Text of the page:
I like to believe that what keeps me so motivated in my mere 2 patterned, 3 sizes profession is ideas...always looking around the corner for new, fresh even crazy choices for the bags.
The Gothic look came totally from an email enquiry. "Can you make a bag with skull fabric," it read, "blacks are best, but please NO pink or heart shaped eye sockets." Classic. And so my knowledge of Gothic tastes budded.
Uni & college students prefer corduroy, which confuses me, because, for the most part, they don't make a point of wearing it. A good sturdy accessory look I suppose, which is terrific for me. Fabricated in loads of colours, weights, wide, medium, thin & pin size wales, I love the assortments available to make my inventory so impressive!
Colours alone will sell a bag. Always have a red bag on hand. Emotional prints stand out too. Dogs, cats ("Oh look, she'll love this one, it has dogs on it! Is there a beagle on there?"), the unmistakable Pink Ribbon, I love to offer what makes folks feel good.
And then once in a while, something so unusual, so compelling will come along, that I tease myself for awhile with ideas, I let it simmer in the thought pot. My newest escapade. I'm 007 pensively stirring the martini, waiting for the elusive.
Her name is Jumoke (don't you love that name!) Rich dark African skin, beautiful enriching smile & enthusiasm that is infectious. She sews the tradional clothing of her home country Nigeria, & some house accessories, along with beautiful beading. I met her at a networking meeting & immediately took a notion to her because, at the risk of sounding smug, Jumoke seems to be alot of me. Her business started out exactly like mine, & has grown at a similar rate. And she loves fabric, a fellow fabric junky!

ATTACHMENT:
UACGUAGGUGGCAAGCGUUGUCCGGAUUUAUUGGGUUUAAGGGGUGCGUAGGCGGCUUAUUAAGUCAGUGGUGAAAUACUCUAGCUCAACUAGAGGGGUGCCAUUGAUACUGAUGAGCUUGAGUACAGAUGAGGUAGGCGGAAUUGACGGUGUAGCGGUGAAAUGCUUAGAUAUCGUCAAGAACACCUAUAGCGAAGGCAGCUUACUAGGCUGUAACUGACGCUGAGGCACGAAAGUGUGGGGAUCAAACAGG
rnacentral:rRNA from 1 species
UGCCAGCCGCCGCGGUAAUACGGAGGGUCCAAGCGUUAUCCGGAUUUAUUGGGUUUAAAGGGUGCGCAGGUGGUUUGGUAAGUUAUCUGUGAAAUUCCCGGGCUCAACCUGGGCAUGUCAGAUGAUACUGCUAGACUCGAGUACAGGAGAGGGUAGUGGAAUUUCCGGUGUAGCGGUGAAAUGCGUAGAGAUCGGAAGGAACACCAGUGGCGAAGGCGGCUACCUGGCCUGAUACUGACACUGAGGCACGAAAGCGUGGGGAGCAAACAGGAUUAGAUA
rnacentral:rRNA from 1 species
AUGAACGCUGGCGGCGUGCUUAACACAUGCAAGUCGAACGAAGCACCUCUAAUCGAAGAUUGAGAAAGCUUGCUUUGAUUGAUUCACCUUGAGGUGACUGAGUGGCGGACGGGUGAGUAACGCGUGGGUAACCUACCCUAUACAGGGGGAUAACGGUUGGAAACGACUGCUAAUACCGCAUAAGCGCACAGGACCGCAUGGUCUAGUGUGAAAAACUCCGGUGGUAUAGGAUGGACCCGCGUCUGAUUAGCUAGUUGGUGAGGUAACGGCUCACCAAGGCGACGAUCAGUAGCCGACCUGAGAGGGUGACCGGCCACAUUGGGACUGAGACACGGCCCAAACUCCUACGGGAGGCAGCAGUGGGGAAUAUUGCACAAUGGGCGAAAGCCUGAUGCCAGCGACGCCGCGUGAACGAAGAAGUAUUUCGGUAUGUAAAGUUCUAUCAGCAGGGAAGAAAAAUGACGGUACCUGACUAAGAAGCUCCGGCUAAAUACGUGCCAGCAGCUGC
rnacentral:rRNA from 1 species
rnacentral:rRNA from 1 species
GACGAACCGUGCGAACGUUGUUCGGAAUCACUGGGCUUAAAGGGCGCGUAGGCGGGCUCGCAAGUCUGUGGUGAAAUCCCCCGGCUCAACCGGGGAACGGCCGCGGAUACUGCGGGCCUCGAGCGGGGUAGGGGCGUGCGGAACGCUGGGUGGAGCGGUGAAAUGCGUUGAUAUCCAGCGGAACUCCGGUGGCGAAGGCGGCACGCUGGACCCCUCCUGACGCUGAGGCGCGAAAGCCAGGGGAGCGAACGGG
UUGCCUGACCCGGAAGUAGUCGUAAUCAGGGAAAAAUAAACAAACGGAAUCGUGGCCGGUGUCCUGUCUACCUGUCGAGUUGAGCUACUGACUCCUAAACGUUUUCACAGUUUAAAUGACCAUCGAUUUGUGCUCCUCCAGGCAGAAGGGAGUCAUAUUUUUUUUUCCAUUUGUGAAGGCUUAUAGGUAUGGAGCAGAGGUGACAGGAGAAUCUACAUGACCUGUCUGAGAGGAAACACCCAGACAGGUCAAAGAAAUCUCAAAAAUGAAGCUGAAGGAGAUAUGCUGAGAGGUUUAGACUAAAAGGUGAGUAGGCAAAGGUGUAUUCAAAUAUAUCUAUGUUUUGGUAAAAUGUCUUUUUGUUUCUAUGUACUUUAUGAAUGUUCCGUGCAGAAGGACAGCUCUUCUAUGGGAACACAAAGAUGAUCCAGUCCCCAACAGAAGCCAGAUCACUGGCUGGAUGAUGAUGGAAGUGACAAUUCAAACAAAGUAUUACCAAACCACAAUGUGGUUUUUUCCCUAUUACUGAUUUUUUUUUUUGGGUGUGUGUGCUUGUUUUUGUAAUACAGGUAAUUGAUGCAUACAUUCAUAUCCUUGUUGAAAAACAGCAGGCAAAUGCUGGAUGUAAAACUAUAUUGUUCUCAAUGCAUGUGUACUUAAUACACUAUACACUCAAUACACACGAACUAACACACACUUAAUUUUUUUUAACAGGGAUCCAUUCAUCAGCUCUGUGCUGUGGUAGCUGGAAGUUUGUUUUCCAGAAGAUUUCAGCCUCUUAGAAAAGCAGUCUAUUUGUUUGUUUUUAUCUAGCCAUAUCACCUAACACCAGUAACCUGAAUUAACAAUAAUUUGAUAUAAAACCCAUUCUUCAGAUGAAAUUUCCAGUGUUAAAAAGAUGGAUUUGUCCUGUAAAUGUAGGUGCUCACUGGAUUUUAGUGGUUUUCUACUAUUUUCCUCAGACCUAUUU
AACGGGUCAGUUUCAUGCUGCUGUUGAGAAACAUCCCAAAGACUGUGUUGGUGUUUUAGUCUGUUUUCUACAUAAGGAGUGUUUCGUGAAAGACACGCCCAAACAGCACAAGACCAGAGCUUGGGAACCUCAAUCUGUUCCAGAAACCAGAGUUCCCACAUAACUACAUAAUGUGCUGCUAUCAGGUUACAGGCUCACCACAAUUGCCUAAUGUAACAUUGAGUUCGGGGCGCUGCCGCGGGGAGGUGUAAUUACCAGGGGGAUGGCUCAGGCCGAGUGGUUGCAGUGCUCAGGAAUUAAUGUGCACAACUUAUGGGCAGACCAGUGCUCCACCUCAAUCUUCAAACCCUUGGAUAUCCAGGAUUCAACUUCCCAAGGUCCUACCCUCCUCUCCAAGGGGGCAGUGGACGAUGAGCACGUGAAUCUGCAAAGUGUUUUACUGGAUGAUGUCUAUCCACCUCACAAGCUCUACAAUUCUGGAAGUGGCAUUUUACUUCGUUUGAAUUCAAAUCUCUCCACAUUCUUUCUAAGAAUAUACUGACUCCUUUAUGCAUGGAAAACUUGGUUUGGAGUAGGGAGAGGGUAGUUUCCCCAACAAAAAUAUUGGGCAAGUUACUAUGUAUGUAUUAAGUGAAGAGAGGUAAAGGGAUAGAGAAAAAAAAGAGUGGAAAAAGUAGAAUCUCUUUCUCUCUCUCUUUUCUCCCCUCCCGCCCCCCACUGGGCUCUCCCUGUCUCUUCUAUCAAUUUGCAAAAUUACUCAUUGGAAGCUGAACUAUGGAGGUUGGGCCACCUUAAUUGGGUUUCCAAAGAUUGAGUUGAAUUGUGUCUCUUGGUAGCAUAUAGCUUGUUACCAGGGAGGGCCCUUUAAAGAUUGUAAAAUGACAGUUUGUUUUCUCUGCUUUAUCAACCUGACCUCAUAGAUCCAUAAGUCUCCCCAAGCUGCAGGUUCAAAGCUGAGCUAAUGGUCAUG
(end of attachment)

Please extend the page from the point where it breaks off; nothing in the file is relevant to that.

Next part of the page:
She invited me to her home to show me her fabrics & handiwork. Every year she returns to Africa for 2 months in the winter & while there purchases & orders handwoven fabric pieces from women in the markets. Imagine! To me, a vision from an exotic book! Open markets alive with activity; women crouched at their wares squinting in the warm sun, folding, hanging the wares, guiding the spools within small & simple looms, back & forth, back & forth. Slabs...lengths of incredible weaves, substantial weights, fabulous colours. All made with 2 hands.
On the back side of the pieces, there are tiny seams about every 6 inches running the length. The looms, Jumoke explains, are quite often only that wide, & long runners are made, then sewn together. So finely done, it isn't even apparent from the right side.
While she is showing me different fabrics, Jumoke is easily folding, & wrapping this piece around her waist to fit a skirt, a lighter weight piece magically swirls around her head into a headdress. So lovely, so beautiful! I was agog to say the least. These fabrics start out as easy rectangles & with a wrap & a tuck, become elegant, graceful, comfortable garments. The colours are so enthralling, all seemed to reflect the earth. Rich greys & browns, jewelled purples & reds. The energy is palitable.
I bought 5 pieces. At the moment they are relaxing in my sewing room, paired with soft toned co-ordinating, so carefully chosen cotton fabrics. I like to think these fabulous rich threads will patiently guide me, lead me through a mystical adventure. These weaves made from the skillful hands of a woman half a world away, into an enchanting experience for me.
Examples of past, handwoven fabric bags.